Nikki Kateman: Representing Workers In NY’s Cannabis Industry

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Nikki Kateman
Photo: Adelphi University

Nikki Kateman is with the statewide labor union Local 338, which represents those in NY’s cannabis industry. Nikki Kateman answered eight simple questions for NY Cannabis Insider’s ongoing series featuring people to know in the state’s marijuana marketplace.

What is your position and what do you/your company do in the cannabis space?
I’m the political and communications director of Local 338 RWDSU/UFCW. We’re a statewide labor union that represents 13,000 working people, including those employed from seed to sale in New York’s cannabis industry. We are effectively the advocates for those working on the frontlines of the industry.

I was recently appointed to the State Cannabis Advisory Board, which is something I’m both incredibly honored and excited about.

How long have you worked in the cannabis space?
If you can believe it, I’ve been involved in the cannabis space (specifically around policy) in New York for over a decade.

What did you do before you were involved in the cannabis industry?
I had just been hired full-time in the Political & Communications Department at Local 338 around the time we started thinking about cannabis legalization and how workers in an emerging industry could and should be protected. Looking back, I guess most of my career so far has had some connection to the cannabis industry, although it only became a major focus of my work in the last few years.

What led you to the cannabis industry?
In a lot of ways, the cannabis industry found me. I wanted to work in the union movement because it combined a lot of causes and issues that mattered to me – social justice, economic justice, healthcare, and education. When Local 338 started advocating for medical and then subsequently adult-use cannabis legalization, it felt natural because it was an extension of fighting for all the things I was already fighting for in my role at the union.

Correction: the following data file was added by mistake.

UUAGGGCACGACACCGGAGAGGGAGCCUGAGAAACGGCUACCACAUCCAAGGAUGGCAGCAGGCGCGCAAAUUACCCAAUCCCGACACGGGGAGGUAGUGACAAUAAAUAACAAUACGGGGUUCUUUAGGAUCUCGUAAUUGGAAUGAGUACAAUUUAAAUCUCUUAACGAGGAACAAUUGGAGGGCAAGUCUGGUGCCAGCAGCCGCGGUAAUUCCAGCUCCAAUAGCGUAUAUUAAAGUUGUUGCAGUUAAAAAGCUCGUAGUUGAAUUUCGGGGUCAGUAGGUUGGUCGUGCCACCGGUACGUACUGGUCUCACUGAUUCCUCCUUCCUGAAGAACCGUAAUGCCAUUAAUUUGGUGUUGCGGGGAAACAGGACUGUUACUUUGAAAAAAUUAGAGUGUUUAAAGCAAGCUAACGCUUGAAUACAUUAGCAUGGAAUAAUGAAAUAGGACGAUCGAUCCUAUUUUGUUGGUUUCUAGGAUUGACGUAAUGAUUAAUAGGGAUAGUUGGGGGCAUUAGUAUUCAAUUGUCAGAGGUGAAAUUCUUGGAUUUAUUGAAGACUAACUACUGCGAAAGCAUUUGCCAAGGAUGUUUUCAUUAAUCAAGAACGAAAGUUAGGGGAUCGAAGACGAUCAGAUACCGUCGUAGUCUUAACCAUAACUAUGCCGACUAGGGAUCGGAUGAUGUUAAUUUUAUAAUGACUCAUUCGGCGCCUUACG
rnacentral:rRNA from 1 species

Do you have any advice for someone looking to get into the NY weed industry?
There’s a lot of focus on ownership in the cannabis industry and that is incredibly important when we’re thinking about social equity and supporting communities that have been left behind to build generational wealth. However, there are lots of other pathways into the industry through ancillary businesses and of course, career opportunities. The great thing about the cannabis industry is there are so many ways to be innovative and indirectly involved, but still be successful and make a difference, both personally and for the larger community. I’d encourage someone looking to enter the space to explore all opportunities, because there are going to be thousands of them.

I’d also be remiss if I didn’t add that I know people tend to get nervous when they hear they’re going to have to engage with a labor union. We are not only advocates, but also recognized stakeholders in New York’s cannabis industry – we care very deeply about the success of the industry, because it means the ability for people employed in the industry to also do well.

What do you think the NY cannabis ecosystem will look like in five years?
I am hopeful that New York will have a vibrant and diverse industry where there is opportunity and a role for everyone who finds this space interesting and exciting. I recognize that there will be some growing pains (no pun intended), but we’re fortunate to not only have passionate minds at the State, but also an engaged network of grassroots activists and industry players who want to help push the program in the right direction.